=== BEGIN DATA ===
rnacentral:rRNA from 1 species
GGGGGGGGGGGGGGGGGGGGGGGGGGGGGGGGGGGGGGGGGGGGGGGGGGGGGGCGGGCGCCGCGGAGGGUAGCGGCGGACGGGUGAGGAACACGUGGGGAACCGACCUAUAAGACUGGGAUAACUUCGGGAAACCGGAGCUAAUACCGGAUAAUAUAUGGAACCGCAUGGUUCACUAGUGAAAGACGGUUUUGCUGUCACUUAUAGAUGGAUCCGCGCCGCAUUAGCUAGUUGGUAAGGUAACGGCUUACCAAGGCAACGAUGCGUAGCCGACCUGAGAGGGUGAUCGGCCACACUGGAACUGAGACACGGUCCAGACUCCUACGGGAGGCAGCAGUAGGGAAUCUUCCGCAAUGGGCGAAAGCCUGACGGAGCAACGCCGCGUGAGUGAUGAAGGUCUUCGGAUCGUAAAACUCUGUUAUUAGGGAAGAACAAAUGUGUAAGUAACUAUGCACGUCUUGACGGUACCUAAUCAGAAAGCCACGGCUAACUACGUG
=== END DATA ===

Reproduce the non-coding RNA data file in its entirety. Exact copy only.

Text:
rnacentral:rRNA from 1 species
GGGGGGGGGGGGGGGGGGGGGGGGGGGGGGGGGGGGGGGGGGGGGGGGGGGGGGCGGGCGCCGCGGAGGGUAGCGGCGGACGGGUGAGGAACACGUGGGGAACCGACCUAUAAGACUGGGAUAACUUCGGGAAACCGGAGCUAAUACCGGAUAAUAUAUGGAACCGCAUGGUUCACUAGUGAAAGACGGUUUUGCUGUCACUUAUAGAUGGAUCCGCGCCGCAUUAGCUAGUUGGUAAGGUAACGGCUUACCAAGGCAACGAUGCGUAGCCGACCUGAGAGGGUGAUCGGCCACACUGGAACUGAGACACGGUCCAGACUCCUACGGGAGGCAGCAGUAGGGAAUCUUCCGCAAUGGGCGAAAGCCUGACGGAGCAACGCCGCGUGAGUGAUGAAGGUCUUCGGAUCGUAAAACUCUGUUAUUAGGGAAGAACAAAUGUGUAAGUAACUAUGCACGUCUUGACGGUACCUAAUCAGAAAGCCACGGCUAACUACGUG